With 707 players to have graduated from the World Rugby U20 Championship to the test stage, World Rugby commentator Simon Ward was spoilt for choice when we asked him to name his personal all-star graduate team.

A commentator at age-grade international rugby’s premier event for five of the last six tournaments, Ward has understandably lent more towards players of a more recent vintage when whittling down his selection. But he also feels that reflects how the standing of the tournament has grown year-on-year, not only in its profile but also the quality of rugby on display.

Resisting the temptation to go for obvious choices like current England half-backs, Ben Youngs and Owen Farrell and loose-head prop, Mako Vunipola, Ward has also based his selection criteria on those players who personally excited him while either behind the mic or watching from afar.

A bit like the Barbarians, Ward was given special dispensation to include two uncapped players in his line-up, and he opted for New Zealand duo, Tevita Li and Asafo Aumua, who both seem destined for big things in the not-too-distant future.

Brodie Retallick, from the outstanding class of 2011, is the most-capped player with 81, while fellow All Black Aaron Cruden is the only other half-centurion to make the cut.

Six-time winners New Zealand and reigning double champions France have the highest representation of any country in Ward’s XV, with four players apiece.


15. Bautista Delguy, Argentina (2016-17), 14 caps
Such a balanced runner, he reminds me of someone like Richard Haughton (former England Sevens winger) with the way he effortlessly glides over the ground. Will Jordan and Cai Evans are two others to have caught the eye and I wouldn’t be surprised if a first cap isn’t far away.

14. Tevita Li, New Zealand (2014-15), 0 caps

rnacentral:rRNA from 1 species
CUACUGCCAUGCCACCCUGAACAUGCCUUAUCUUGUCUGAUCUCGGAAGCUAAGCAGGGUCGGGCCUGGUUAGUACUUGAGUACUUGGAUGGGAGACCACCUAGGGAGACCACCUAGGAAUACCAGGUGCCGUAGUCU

I know he hasn’t made the step up yet, but when someone scores a record 13 tries across two tournaments (2014-15) it is difficult to ignore them. The complete winger, he reminded me of Rupeni Caucaunibuca with his power and balance.

13. Joe Marchant, England (2016), 3 caps
Gave England a cutting edge throughout their triumphant campaign in 2016. One of the two tries he scored in the final at the AJ Bell Stadium really sticks in the memory. Jan Serfontein, the prototype South African centre, would have got in but he’s yet to make the step up.

12. Romain Ntamack, France (2017-18), 16 caps
Such a key cog in France’s first title success when the pressure was really on them on home soil. He oozes class, as you’d expect as the son of former Les Bleus legend Emile Ntamack. I’m opting for him at 12 because he is equally at home there as he is at fly-half, where there are so many alternative options.

11. Damian Penaud, France (2015-16), 17 caps
Another one with such good rugby genes who, despite playing at centre in the U20s, has developed into a world-class test wing. He certainly knows the way to the try line and has perhaps taken the family name to a new level and will continue to do so in the future.

10. Aaron Cruden, New Zealand (2009), 50 caps
I’m spoilt for choice here as I could easily have opted for Handré Pollard or George Ford, but I’m going to roll back the years to 2009 and go for Aaron Cruden, who was named World Rugby Junior Player of the Year in the same year. He had everything: the footballing skills, basketball skills and game management.

9. Gela Aprasidze, Georgia (2016-18), 25 caps